Many black, green, and herbal teas contain tannins that stain teeth and gums. 

Green tea leaves a gray stain on teeth. Black tea leaves yellowish marks. Even herbal teas like chamomile and hibiscus can cause staining.

How to Remove Coffee and Tea Stains From Teeth

Fortunately, there are ways to remove coffee stains from teeth. These include:

At-Home Teeth Whitening Options

Many over-the-counter products can help whiten teeth at home. These include:

  • Over-the-counter whitening Strips, gel trays, and LED whitening kits — Whiten beneath-the-surface stains and break up stains in your enamel. 
  • Whitening toothpastes — Contain abrasive ingredients that help remove stains from the surface of your teeth.
  • Whitening mouthwashes — Contain bleaching agents that can help remove surface stains from your teeth if you use them regularly.

Whitening products that have the American Dental Association (ADA) Seal of Acceptance are proven to be effective and safe for use.

Coffee drinkers can also use some home remedies to whiten their teeth, including:

  • Brushing the teeth with baking soda twice a month
  • Using a manual toothbrush rather than an electric toothbrush
  • Coconut oil pulling

Although many of these natural remedies have been around for a long time, proper scientific research is still needed to determine their effectiveness.

Professional Teeth Whitening Options

If you're looking for a more effective and immediate solution, consider professional whitening.

The concentration of professional whitening gel is more potent than that of at-home whitening treatments. This means you will notice instant results.

For some people, tooth whitening gel can lead to temporary sensitivity. Your dentist can take extra precautions to ensure the soft tissues of your mouth don't become irritated.

At-home whitening gels prescribed by dentists contain higher concentrations of hydrogen or carbamide peroxide. They also come with custom trays for more effective and comfortable whitening.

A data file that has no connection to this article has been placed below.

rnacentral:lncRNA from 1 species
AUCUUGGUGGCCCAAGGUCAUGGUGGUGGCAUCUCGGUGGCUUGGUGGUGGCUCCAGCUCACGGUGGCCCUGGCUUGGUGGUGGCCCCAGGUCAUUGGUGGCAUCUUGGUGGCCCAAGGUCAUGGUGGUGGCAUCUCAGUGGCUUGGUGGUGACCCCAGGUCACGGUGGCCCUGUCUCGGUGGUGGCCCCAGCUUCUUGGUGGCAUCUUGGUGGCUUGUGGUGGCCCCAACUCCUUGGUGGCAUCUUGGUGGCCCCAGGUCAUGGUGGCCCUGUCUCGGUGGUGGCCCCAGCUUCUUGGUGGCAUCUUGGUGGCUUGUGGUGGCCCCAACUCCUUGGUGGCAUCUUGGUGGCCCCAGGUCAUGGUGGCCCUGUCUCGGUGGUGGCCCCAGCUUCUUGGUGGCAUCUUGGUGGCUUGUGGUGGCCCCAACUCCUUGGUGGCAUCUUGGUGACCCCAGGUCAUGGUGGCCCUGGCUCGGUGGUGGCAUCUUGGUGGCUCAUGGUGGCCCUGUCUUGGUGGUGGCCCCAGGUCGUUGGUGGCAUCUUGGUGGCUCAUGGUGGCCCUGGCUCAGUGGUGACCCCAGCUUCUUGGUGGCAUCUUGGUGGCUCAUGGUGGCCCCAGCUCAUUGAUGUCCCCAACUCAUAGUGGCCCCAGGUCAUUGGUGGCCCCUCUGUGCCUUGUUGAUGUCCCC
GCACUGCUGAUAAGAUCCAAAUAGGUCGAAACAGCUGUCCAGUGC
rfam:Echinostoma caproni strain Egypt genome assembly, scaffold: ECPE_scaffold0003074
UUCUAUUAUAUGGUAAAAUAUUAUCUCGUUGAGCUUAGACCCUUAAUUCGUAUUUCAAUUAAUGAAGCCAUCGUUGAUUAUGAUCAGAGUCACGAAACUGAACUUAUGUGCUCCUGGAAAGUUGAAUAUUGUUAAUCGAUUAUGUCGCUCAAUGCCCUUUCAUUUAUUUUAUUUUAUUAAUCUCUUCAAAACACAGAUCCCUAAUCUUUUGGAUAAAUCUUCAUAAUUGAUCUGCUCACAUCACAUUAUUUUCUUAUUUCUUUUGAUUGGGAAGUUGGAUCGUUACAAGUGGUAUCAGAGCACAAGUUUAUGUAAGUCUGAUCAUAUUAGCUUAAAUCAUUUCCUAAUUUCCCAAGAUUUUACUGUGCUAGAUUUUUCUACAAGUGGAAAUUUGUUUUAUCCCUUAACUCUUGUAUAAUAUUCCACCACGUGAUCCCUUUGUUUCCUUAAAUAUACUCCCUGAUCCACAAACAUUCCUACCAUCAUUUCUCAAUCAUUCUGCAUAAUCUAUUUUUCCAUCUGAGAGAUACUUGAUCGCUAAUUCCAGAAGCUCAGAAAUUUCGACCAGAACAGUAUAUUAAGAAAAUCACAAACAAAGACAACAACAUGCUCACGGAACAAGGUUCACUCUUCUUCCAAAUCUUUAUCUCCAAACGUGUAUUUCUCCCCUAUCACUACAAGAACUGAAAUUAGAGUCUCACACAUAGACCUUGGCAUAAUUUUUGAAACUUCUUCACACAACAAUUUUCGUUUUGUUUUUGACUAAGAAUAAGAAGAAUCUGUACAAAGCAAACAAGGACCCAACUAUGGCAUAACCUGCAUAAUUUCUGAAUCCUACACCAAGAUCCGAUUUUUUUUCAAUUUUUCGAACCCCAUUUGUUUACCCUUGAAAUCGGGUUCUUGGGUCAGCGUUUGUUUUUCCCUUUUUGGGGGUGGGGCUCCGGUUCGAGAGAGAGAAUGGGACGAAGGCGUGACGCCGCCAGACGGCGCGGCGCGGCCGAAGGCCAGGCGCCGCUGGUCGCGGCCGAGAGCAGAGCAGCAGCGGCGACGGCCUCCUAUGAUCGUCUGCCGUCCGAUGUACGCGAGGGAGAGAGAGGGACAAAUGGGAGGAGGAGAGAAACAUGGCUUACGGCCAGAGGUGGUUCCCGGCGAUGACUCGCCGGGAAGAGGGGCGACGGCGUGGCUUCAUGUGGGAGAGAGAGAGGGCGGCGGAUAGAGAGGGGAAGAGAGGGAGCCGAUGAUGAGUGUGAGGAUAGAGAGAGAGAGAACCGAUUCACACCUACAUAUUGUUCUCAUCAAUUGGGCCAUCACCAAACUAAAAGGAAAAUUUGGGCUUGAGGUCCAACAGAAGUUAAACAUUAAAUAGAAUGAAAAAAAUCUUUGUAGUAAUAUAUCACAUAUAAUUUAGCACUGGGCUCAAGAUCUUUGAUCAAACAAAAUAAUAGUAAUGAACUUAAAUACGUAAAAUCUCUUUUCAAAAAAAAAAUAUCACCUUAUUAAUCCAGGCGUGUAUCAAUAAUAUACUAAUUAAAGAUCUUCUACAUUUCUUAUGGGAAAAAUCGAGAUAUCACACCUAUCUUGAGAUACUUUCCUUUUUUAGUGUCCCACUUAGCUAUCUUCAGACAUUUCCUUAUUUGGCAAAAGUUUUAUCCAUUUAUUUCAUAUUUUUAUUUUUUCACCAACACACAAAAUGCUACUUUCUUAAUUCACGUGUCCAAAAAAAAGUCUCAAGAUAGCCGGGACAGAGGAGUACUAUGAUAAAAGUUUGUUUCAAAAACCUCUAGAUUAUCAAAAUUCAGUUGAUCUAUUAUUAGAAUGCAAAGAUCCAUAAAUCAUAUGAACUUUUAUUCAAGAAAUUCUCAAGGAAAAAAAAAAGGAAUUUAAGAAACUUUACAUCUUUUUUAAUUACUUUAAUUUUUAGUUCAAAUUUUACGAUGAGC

Summary

  • Both coffee and tea stain your teeth due to their tannin content
  • Coffee is highly acidic, which means your tooth enamel can dissolve over time if you drink it excessively
  • To avoid some staining, drink less coffee and rinse after finishing your beverage
  • If you have stained teeth from coffee or tea, consider at-home whitening options or getting your teeth professionally whitened by a dentist

Last updated on December 12, 2022
6 Sources Cited
Last updated on December 12, 2022
All NewMouth content is medically reviewed and fact-checked by a licensed dentist or orthodontist to ensure the information is factual, current, and relevant.

We have strict sourcing guidelines and only cite from current scientific research, such as scholarly articles, dentistry textbooks, government agencies, and medical journals. This also includes information provided by the American Dental Association (ADA), the American Association of Orthodontics (AAO), and the American Academy of Pediatrics (AAP).
  1. Pandey, Kanti Bhooshan, et al. “Plant polyphenols as dietary antioxidants in human health and disease.” Oxidative medicine and cellular longevity, 2009.
  2. Mori, Aline Akemi, et al. “Susceptibility to Coffee Staining during Enamel Remineralization Following the In-Office Bleaching Technique: An In Situ Assessment.” Journal of esthetic and restorative dentistry, 2016.
  3. Liporoni, Priscila Christiane Suzy, et al. “Enamel susceptibility to coffee and red wine staining at different intervals elapsed from bleaching: a photoreflectance spectrophotometry analysis.” Photomedicine and laser surgery, 2010.
  4. Karadas, Muhammet, and Nilgun Seven. “The effect of different drinks on tooth color after home bleaching.” European journal of dentistry, 2014.
  5. Epple, Matthias, et al. “A Critical Review of Modern Concepts for Teeth Whitening.” Dentistry journal, 2019.
  6. João Victor Frazão, et al. “Effect of tooth enamel staining by coffee consumption during at-home tooth bleaching with carbamide peroxide.” Rev Odontol UNESP, 2020.